I find that I crave a nice cup of Chinese black in the mornings. It’s just a lovely way to start the day. I love the preserved plum flavor in this one. The lingering maltiness.
As I mature in my tea adventure, I find myself not appreciating teas as much as I used to. It’s such a shame. I’ll drink while reading or working and I just don’t notice the nuances anymore. I try to put time aside for a new tea to truly appreciate it, but my schedule is not what it used to be. When I started my tea adventure, I was unemployed and my husband wasn’t out of the house all day going to work and then school. While I’m grateful to be employed and happy that husband’s continuing education will open up opportunities for him, I really miss having TIME. Time to just do nothing or focus on hobbies.
Anyway! Good tea!
I’ve been brewing up a cup here and there over the past couple days, thanks to Heather, who provided me with a sample. I’m still trying to figure out where I stand on Dragon Well.
So far, I’d say this is the most well-balanced straight Dragon Well I’ve had. There’s a balance between the sweet and vegetal flavours. Slightly grassy, slightly buttery, basically what Dragon Wells are all about.
I personally wouldn’t buy any since I’m not a fan of grassy and/or vegetal greens, but it’s always nice to further explore a particular type of tea.
I am so happy to be back to drinking most teas. I still have a lot of heartburn now and then but sixteen years on proton pump inhibitors isn’t going to be easy to overcome. I am committed to making it work.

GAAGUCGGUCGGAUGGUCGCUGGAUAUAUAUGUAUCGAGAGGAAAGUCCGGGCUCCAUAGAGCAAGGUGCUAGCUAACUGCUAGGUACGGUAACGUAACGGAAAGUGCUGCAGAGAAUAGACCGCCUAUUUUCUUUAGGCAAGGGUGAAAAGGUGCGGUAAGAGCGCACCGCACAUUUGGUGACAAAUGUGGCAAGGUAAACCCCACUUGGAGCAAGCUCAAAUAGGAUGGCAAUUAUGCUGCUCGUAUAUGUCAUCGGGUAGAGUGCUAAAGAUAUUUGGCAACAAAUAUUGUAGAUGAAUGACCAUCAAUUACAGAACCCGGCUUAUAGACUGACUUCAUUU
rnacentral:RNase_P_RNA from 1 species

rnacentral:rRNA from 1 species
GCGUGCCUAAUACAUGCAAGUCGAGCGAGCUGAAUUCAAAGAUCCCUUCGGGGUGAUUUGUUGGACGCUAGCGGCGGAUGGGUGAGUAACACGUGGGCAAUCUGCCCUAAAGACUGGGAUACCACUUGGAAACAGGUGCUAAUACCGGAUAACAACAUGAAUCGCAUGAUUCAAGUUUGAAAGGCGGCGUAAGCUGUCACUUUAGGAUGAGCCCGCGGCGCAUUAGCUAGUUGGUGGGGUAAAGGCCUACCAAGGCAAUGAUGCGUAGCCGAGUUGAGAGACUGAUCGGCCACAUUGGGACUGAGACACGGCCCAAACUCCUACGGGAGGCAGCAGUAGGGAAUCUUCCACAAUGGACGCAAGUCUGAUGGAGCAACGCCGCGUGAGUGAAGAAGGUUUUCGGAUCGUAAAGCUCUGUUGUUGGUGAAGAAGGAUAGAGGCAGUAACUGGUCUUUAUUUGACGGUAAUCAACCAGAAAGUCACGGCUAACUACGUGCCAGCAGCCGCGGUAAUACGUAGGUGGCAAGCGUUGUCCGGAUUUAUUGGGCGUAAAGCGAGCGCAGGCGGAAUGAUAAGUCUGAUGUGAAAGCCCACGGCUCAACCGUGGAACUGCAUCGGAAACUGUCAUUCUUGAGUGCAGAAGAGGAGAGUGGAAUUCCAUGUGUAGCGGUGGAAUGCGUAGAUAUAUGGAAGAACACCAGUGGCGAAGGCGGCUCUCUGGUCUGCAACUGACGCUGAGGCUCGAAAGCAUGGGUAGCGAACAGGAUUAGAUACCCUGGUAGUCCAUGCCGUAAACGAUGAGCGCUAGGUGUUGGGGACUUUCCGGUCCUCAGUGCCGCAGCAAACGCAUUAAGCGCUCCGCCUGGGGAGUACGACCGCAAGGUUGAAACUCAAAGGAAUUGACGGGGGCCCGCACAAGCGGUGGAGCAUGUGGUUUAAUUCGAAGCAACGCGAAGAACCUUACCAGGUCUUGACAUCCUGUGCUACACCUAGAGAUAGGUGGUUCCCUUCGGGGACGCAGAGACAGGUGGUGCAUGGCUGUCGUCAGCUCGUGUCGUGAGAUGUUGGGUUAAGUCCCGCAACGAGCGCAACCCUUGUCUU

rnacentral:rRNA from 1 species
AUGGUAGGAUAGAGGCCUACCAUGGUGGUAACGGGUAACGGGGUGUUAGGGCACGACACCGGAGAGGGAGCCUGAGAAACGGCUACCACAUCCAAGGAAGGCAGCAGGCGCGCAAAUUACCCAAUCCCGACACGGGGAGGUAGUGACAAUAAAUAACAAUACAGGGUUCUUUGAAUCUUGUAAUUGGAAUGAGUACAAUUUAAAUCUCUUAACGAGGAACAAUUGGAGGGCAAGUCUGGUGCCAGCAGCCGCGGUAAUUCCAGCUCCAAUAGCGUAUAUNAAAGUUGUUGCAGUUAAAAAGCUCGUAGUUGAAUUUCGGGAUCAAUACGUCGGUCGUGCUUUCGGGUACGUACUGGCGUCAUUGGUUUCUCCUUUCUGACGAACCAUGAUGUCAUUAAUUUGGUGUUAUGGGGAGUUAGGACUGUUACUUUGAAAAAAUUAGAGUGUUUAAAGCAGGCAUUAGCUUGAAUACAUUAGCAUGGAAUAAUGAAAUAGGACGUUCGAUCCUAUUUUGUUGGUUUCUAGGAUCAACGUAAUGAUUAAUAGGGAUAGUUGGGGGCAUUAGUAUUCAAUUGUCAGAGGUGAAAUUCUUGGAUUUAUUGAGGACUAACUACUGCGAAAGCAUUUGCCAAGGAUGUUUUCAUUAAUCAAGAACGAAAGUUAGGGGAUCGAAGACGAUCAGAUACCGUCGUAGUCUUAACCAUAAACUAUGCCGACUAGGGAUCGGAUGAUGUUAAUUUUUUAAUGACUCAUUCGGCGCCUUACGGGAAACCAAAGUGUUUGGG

I made egg fu yung again tonight because chickens are ridiculous and they cracked three of the eggs they laid today. They insisted on getting in the only nest box that did NOT have straw in it to lay their eggs and sat on each other and acted like toddlers in general. As long as the crack is superficial and the inner membrane is intact, the egg is okay to eat as long as you do so quickly because it will lost moisture quickly.
Asian food means green tea usually, but I saw this sample first and since it was handy I tossed it to hubby to make. Wow, I am glad he made this one because it was FANTASTIC.
With the food, I couldn’t help but notice how powerful the floral taste of this tea was, but there was enough mineral taste to make it pair awesomely. This is not a dark oolong, or a roast-y oolong. It is light and green-ish and sweet and smooth. And milky! There is a creamy smoothness to this that gives it lots of body.
I am seriously loving this tea tonight.
We had a few people absent from our writers’ group tonight, and since several of the attendees have really been loving the tea, I offered to use the extra time to do a gong fu tasting of this tea.